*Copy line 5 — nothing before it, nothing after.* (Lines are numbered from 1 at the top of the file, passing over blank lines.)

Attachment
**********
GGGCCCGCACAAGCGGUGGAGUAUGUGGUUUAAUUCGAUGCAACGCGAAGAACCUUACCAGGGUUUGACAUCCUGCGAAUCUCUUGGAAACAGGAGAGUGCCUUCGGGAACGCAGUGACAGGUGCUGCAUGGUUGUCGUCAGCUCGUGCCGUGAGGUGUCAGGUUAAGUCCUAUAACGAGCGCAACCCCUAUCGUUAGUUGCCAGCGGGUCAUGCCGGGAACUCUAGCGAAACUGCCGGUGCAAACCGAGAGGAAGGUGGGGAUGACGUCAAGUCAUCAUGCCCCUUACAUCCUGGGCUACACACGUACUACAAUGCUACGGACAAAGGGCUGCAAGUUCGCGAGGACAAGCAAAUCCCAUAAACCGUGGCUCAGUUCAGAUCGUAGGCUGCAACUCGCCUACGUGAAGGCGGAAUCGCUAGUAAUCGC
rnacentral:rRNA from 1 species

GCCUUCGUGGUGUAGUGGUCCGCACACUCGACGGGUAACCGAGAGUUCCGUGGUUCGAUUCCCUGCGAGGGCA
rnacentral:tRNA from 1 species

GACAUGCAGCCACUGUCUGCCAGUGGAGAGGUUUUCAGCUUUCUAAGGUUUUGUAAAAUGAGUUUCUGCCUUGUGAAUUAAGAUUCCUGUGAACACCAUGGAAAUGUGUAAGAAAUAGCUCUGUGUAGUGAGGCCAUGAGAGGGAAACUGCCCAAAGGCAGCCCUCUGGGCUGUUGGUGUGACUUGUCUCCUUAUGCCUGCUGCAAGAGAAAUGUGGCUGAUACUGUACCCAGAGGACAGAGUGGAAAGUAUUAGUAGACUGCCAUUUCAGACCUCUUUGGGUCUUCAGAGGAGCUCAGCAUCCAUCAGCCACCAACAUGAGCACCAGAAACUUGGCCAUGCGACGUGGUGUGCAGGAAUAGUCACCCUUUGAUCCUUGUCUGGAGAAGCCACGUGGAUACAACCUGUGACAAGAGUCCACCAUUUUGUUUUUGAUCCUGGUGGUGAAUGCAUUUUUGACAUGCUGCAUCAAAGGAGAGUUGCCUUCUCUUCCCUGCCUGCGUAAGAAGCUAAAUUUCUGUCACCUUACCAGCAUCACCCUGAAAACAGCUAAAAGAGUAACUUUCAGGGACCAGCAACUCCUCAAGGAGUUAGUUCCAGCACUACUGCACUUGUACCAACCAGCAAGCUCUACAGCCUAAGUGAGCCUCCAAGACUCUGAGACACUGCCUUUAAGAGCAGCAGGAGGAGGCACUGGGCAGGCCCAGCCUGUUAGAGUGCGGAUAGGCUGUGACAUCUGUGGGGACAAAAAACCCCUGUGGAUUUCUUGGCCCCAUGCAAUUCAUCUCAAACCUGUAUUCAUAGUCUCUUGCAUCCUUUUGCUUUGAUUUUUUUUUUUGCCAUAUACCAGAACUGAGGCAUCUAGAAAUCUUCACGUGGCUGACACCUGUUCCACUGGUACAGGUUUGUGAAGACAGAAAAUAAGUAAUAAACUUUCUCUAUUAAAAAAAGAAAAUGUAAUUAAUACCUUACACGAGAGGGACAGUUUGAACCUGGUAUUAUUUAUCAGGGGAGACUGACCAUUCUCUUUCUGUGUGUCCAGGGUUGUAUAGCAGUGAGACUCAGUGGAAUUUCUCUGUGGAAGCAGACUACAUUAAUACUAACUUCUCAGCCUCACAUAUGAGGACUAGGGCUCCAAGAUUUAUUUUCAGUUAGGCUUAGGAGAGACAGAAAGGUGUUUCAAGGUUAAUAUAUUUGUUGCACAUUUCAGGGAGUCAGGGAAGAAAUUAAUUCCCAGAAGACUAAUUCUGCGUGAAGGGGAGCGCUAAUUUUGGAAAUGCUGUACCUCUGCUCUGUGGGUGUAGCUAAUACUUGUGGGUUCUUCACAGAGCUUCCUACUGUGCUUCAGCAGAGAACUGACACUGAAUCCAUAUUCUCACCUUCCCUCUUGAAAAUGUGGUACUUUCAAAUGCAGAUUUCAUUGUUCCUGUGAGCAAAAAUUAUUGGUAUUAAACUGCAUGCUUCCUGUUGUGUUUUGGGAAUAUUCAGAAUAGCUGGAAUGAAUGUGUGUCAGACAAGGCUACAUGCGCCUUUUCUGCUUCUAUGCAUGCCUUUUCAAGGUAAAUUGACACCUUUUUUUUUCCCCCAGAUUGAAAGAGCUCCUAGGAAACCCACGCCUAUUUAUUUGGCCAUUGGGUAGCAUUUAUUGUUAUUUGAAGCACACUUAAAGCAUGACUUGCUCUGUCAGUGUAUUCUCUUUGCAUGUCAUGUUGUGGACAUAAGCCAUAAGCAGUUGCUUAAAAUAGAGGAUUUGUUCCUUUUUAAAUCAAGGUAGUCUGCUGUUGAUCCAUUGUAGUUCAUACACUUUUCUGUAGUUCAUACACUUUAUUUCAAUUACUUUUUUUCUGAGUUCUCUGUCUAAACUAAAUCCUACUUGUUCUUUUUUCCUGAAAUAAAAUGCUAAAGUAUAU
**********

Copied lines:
GACAUGCAGCCACUGUCUGCCAGUGGAGAGGUUUUCAGCUUUCUAAGGUUUUGUAAAAUGAGUUUCUGCCUUGUGAAUUAAGAUUCCUGUGAACACCAUGGAAAUGUGUAAGAAAUAGCUCUGUGUAGUGAGGCCAUGAGAGGGAAACUGCCCAAAGGCAGCCCUCUGGGCUGUUGGUGUGACUUGUCUCCUUAUGCCUGCUGCAAGAGAAAUGUGGCUGAUACUGUACCCAGAGGACAGAGUGGAAAGUAUUAGUAGACUGCCAUUUCAGACCUCUUUGGGUCUUCAGAGGAGCUCAGCAUCCAUCAGCCACCAACAUGAGCACCAGAAACUUGGCCAUGCGACGUGGUGUGCAGGAAUAGUCACCCUUUGAUCCUUGUCUGGAGAAGCCACGUGGAUACAACCUGUGACAAGAGUCCACCAUUUUGUUUUUGAUCCUGGUGGUGAAUGCAUUUUUGACAUGCUGCAUCAAAGGAGAGUUGCCUUCUCUUCCCUGCCUGCGUAAGAAGCUAAAUUUCUGUCACCUUACCAGCAUCACCCUGAAAACAGCUAAAAGAGUAACUUUCAGGGACCAGCAACUCCUCAAGGAGUUAGUUCCAGCACUACUGCACUUGUACCAACCAGCAAGCUCUACAGCCUAAGUGAGCCUCCAAGACUCUGAGACACUGCCUUUAAGAGCAGCAGGAGGAGGCACUGGGCAGGCCCAGCCUGUUAGAGUGCGGAUAGGCUGUGACAUCUGUGGGGACAAAAAACCCCUGUGGAUUUCUUGGCCCCAUGCAAUUCAUCUCAAACCUGUAUUCAUAGUCUCUUGCAUCCUUUUGCUUUGAUUUUUUUUUUUGCCAUAUACCAGAACUGAGGCAUCUAGAAAUCUUCACGUGGCUGACACCUGUUCCACUGGUACAGGUUUGUGAAGACAGAAAAUAAGUAAUAAACUUUCUCUAUUAAAAAAAGAAAAUGUAAUUAAUACCUUACACGAGAGGGACAGUUUGAACCUGGUAUUAUUUAUCAGGGGAGACUGACCAUUCUCUUUCUGUGUGUCCAGGGUUGUAUAGCAGUGAGACUCAGUGGAAUUUCUCUGUGGAAGCAGACUACAUUAAUACUAACUUCUCAGCCUCACAUAUGAGGACUAGGGCUCCAAGAUUUAUUUUCAGUUAGGCUUAGGAGAGACAGAAAGGUGUUUCAAGGUUAAUAUAUUUGUUGCACAUUUCAGGGAGUCAGGGAAGAAAUUAAUUCCCAGAAGACUAAUUCUGCGUGAAGGGGAGCGCUAAUUUUGGAAAUGCUGUACCUCUGCUCUGUGGGUGUAGCUAAUACUUGUGGGUUCUUCACAGAGCUUCCUACUGUGCUUCAGCAGAGAACUGACACUGAAUCCAUAUUCUCACCUUCCCUCUUGAAAAUGUGGUACUUUCAAAUGCAGAUUUCAUUGUUCCUGUGAGCAAAAAUUAUUGGUAUUAAACUGCAUGCUUCCUGUUGUGUUUUGGGAAUAUUCAGAAUAGCUGGAAUGAAUGUGUGUCAGACAAGGCUACAUGCGCCUUUUCUGCUUCUAUGCAUGCCUUUUCAAGGUAAAUUGACACCUUUUUUUUUCCCCCAGAUUGAAAGAGCUCCUAGGAAACCCACGCCUAUUUAUUUGGCCAUUGGGUAGCAUUUAUUGUUAUUUGAAGCACACUUAAAGCAUGACUUGCUCUGUCAGUGUAUUCUCUUUGCAUGUCAUGUUGUGGACAUAAGCCAUAAGCAGUUGCUUAAAAUAGAGGAUUUGUUCCUUUUUAAAUCAAGGUAGUCUGCUGUUGAUCCAUUGUAGUUCAUACACUUUUCUGUAGUUCAUACACUUUAUUUCAAUUACUUUUUUUCUGAGUUCUCUGUCUAAACUAAAUCCUACUUGUUCUUUUUUCCUGAAAUAAAAUGCUAAAGUAUAU